6. PeterReynard

    The Jack Reacher discussion reminds me of how Lee Child was laid off and had nothing to lose by writing a book.

  7. An interesting topic as usual Margot. I’ve been reflecting on why I like the things I like in my reading (following reading a blog post last week) and I’m not sure I like this “nothing to lose” element – I think it’s one of the reasons I don’t like noir as much as other sub genres as so many people have nothing to lose and therefore everything seems a bit inevitable rather than suspenseful. That said though I do like several of the books you’ve mentioned here…and am reading something you recommended last week…THE LAST POLICEMAN…in which all of humanity has nothing to lose as the world is due to end in a few months – but someone has murdered a chap anyway. I am enjoying the book as it’s an interesting premise and so far it’s being explored intelligently. I can’t yet see what would lead someone to murder during their last few months of existance but am looking forward to finding out.

    • Bernadette – Thank you :-) – I respect you for stepping back and looking at your reading with a longer view like that. I hadn’t really connected the kind of character who has nothing to lose with the way many noir books are, but you really do have a point. I wonder if that adds to the overall bleakness of some noir novels as well as (and I think you’re right about this) the inevitability. I’ll have to think about that. I’m very glad you’re enjoying The Last Policeman. I always have so much respect for authors who take novel approaches to their topics as Winters does in this one. Please post a review when you get to it; I’ll be really interested in what you think.

  8. This makes a great plot tool for suspense novels, especially when the threat is against someone in the main character’s family. We’re less sympathetic when the character is protecting his reputation or wealth.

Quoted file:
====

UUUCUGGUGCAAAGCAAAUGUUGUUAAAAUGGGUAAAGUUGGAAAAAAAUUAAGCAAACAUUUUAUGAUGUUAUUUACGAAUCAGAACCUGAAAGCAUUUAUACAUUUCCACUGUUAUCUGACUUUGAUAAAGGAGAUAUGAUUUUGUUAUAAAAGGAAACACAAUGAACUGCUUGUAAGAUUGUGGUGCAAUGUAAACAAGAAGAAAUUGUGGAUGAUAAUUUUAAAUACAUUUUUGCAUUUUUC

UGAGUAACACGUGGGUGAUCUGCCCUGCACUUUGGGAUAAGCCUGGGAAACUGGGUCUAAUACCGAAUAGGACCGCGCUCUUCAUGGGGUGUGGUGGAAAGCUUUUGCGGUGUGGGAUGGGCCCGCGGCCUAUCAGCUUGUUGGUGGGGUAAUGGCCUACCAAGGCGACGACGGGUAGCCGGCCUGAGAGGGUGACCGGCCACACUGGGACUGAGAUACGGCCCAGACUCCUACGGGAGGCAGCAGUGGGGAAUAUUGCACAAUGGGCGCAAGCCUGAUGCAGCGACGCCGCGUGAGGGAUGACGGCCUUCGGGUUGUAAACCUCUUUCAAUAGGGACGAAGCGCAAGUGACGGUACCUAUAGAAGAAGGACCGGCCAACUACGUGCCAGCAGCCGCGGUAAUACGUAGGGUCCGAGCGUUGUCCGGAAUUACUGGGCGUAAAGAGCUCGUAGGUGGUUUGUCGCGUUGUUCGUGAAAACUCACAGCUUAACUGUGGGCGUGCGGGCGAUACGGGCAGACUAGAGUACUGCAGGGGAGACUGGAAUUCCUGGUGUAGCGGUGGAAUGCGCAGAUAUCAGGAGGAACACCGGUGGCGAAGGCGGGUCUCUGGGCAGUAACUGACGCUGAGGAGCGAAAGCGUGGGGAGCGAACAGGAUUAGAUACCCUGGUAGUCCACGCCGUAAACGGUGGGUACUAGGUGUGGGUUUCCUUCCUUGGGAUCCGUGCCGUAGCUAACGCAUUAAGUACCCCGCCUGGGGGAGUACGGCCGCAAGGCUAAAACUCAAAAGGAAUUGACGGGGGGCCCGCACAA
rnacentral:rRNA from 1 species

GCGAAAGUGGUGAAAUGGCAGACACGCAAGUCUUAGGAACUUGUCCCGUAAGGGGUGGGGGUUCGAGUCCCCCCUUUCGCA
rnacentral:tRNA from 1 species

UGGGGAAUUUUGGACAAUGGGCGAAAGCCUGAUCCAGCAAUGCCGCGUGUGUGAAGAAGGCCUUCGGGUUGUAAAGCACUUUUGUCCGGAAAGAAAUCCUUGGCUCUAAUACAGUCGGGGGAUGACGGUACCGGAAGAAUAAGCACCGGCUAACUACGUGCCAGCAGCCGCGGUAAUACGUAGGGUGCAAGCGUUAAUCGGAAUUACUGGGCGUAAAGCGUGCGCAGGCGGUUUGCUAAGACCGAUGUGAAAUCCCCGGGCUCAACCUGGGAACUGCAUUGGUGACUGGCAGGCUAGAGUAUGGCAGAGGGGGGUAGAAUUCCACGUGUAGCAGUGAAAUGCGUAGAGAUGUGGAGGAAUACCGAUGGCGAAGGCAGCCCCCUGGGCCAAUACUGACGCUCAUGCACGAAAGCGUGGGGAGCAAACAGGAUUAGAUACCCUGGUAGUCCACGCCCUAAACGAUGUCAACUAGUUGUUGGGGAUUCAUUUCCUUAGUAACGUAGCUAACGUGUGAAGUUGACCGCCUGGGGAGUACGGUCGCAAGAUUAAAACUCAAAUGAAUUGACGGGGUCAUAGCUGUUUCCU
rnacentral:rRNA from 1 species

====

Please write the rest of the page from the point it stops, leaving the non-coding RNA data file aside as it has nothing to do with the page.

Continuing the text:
• Pat – That’s very true about what makes a character have nothing to lose. When it’s protecting a family or friend, etc., we can cheer for that character. If it’s a different kind of motive, we don’t always. I hadn’t thought about that, so thanks.

  9. Margot: As a series the Travis McGee mysteries of John D. Macdonald are premised on the clients have nothing to lose by hiring salvage expert McGee, who will keep one-half of what he recovers, for they have exhausted all other means of recovery.

    In L.R. Wright’s book, The Suspect, there is a far different “nothing to lose” than the average mystery. George Wilcox decides not to confess to killing his neighbour as he has nothing to lose by waiting to see if the RCMP can figure out he was the killer.

    • Bill – Thanks for mentioning the Travis McGee mysteries. You’re absolutely right that many of McGee’s clients have absolutely nothing to lose by getting McGee’s help even if it costs them half of whatever he recovers. What an astute observation. And thanks for reminding me that I must read The Suspect very soon. I’ve been wanting to for a while and simply haven’t yet.

  10. Enjoyable and informative as usual Margot and I am now writing a list of authors and books to read as a result. Thanks once again for being the source of enlightenment. I had forgotten all about Strawberry Alarm Clock and have just phoned my husband to mention them (well, and other stuff) and he went on for so long I had to bring the call to an end. International charges and all that. Wonderful stuff. Thanks again.

    • Jane – How kind of you – thank you :-) Erm – sorry about the international charges, though. Glad you enjoyed the post.

      • No problems re the International phone charges….I get 1p (penny) per minute on a special card. Otherwise it would be snail mail only. Remember Tangerine dream? My husband’s band was named for a food which was also a Joe Cocker song…..spelled same way!! Anyway the cost of the call was worth it. x

        • Jane – Yes indeed I do remember Tangerine Dream. It’s good to hear you have a prepaid card. Otherwise international calls do get expensive don’t they? Wise of you to use that card.

  11. I have Three Weeks To Say Goodbye on my Kindle. I really do need to read it, it sounds great!

  12. Add me to the list of people who hadn’t read any of these! Very interesting post Margot, I hadn’t thought of this as a particular strand, but you make a very convincing case.

    • Moira – Thank you very much – that’s kind of you. I was surprised myself at how often it turns up in crime fiction, but I suppose I needn’t have been. It is a good strategy for increasing suspense.